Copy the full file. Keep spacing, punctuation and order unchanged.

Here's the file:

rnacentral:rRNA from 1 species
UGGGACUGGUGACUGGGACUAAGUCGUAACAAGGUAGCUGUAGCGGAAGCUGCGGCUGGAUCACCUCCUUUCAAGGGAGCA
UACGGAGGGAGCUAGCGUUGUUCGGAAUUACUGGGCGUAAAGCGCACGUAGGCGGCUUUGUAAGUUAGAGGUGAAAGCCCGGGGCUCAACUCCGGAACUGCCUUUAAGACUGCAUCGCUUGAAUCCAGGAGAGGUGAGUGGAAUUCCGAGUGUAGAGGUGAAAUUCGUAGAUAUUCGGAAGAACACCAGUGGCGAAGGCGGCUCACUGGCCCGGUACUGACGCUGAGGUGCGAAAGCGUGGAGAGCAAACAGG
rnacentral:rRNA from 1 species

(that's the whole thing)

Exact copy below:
rnacentral:rRNA from 1 species
UGGGACUGGUGACUGGGACUAAGUCGUAACAAGGUAGCUGUAGCGGAAGCUGCGGCUGGAUCACCUCCUUUCAAGGGAGCA
UACGGAGGGAGCUAGCGUUGUUCGGAAUUACUGGGCGUAAAGCGCACGUAGGCGGCUUUGUAAGUUAGAGGUGAAAGCCCGGGGCUCAACUCCGGAACUGCCUUUAAGACUGCAUCGCUUGAAUCCAGGAGAGGUGAGUGGAAUUCCGAGUGUAGAGGUGAAAUUCGUAGAUAUUCGGAAGAACACCAGUGGCGAAGGCGGCUCACUGGCCCGGUACUGACGCUGAGGUGCGAAAGCGUGGAGAGCAAACAGG
rnacentral:rRNA from 1 species